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Relatives of former Sonoma County Supervisor Bob Theiller say he was seriously ill late last year but seemed to will himself to stay alive for Pearl Harbor Day, Dec. 7.

Theiller was present and seated in the front row at the ceremony at Sebastopol’s Ragle Ranch Regional Park that dedicated the sports fields to the memory of his brother, Seaman Rudy Theiller. Early on in the 1941 attack on U.S. forces at Oahu, 19-year-old Rudy Theiller died aboard the bombed battleship USS Arizona.

Bob Theiller’s daughter, Carrie Schrup of Iowa, said that as the day of the dedication at the park approached “he gave it his all just to get there.”

Bob Theiller, who as Fifth District supervisor helped acquire Ragle Ranch as a county park, died Sunday at the age of 90.

The Petaluma-born former teacher, real estate broker and county supervisor lived virtually his entire life in Sonoma County, though in recent years he and his wife, Joyce, split their time between Santa Rosa and Palm Desert.

Theiller was elected as the west county district’s representative to the Board of Supervisors in 1968. He was a generally conservative businessman, as were most of the men elected then to local political office in Sonoma County.

Theiller was near the end of his second term when, in 1976, the board was hit by one of its most dramatic developments: Voters recalled two liberal, pro-conservation county supervisors, Charles Hinkle and Bill Kortum.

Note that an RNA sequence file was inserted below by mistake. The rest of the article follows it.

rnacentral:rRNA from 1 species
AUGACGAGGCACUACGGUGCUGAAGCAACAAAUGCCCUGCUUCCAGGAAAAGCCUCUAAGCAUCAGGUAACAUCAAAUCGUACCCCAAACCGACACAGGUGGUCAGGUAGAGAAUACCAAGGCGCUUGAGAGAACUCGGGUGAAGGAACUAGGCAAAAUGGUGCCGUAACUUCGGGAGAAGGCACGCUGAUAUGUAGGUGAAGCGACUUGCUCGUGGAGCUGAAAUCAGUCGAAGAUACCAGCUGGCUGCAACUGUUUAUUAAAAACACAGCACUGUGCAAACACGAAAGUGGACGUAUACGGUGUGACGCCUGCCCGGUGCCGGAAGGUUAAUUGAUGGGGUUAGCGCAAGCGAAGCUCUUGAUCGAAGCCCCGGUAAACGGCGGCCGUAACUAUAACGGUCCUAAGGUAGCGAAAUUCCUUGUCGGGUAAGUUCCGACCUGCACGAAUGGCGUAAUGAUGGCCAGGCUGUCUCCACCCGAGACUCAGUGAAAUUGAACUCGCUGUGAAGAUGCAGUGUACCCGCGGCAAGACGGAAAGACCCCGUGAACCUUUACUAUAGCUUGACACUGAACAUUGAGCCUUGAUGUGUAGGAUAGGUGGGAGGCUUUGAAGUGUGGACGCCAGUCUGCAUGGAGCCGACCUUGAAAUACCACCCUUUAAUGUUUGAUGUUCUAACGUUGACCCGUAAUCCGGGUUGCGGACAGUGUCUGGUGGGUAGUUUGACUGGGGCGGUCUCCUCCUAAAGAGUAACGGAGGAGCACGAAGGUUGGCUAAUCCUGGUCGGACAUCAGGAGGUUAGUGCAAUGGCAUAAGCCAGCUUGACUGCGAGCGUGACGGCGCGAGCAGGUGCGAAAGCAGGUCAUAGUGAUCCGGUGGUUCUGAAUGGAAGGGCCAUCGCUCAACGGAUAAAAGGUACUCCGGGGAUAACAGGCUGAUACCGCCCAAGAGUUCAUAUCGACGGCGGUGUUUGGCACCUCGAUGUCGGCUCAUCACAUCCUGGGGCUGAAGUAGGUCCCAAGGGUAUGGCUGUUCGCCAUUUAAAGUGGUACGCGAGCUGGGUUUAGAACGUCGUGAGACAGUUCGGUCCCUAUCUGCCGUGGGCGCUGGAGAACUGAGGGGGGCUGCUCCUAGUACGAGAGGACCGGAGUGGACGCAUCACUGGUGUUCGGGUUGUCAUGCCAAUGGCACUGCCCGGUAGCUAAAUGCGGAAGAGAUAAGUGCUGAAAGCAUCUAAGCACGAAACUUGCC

Progressives pushed back, and in November that year Theiller was defeated by young challenger and Vietnam veteran Eric Koenigshofer.

Theiller returned to the business world following an unsuccessful run for county recorder in 1978.

He said at the time, “I’m not going to do anything politically again.”

Through his eight years on the board, he’d enjoyed working with constituents and serving on regional panels that included the Bay Area Air Quality Control Board and North Coast Coastal Commission.

He told The Press Democrat in 1976, “I’m always trying to figure out how the majority of the people in my district feel and vote that way.”

Robert George Theiller grew up outside of Sebastopol and graduated from Analy High School in 1945, the year World War II ended. He enlisted in the Army for two years, then resumed his education at Santa Rosa Junior College and UC Berkeley.

He met the former Joyce Arlene Carrington through a seamstress who did work for both their mothers. They married in 1956 and reared four children.

For a number of years, until failing health precluded it, the couple honored the sacrifice of Rudy Theiller and all the others killed or injured in the attack that drew the U.S. into World War II by participating in activities of the Santa Rosa-based chapter of the Pearl Harbor Survivors Association.

The Theillers were in Palm Desert at the time of Bob Theiller’s death.

In addition to his wife and daughter, he is survived by sons Robert Theiller Jr., Rudy Theiller and Randy Theiller, all of Santa Rosa, seven grandchildren and three great-grandchildren.

Services are at 2 p.m. Saturday at Santa Rosa Memorial Park. Theiller’s family suggests memorial contributions to UC Berkeley.

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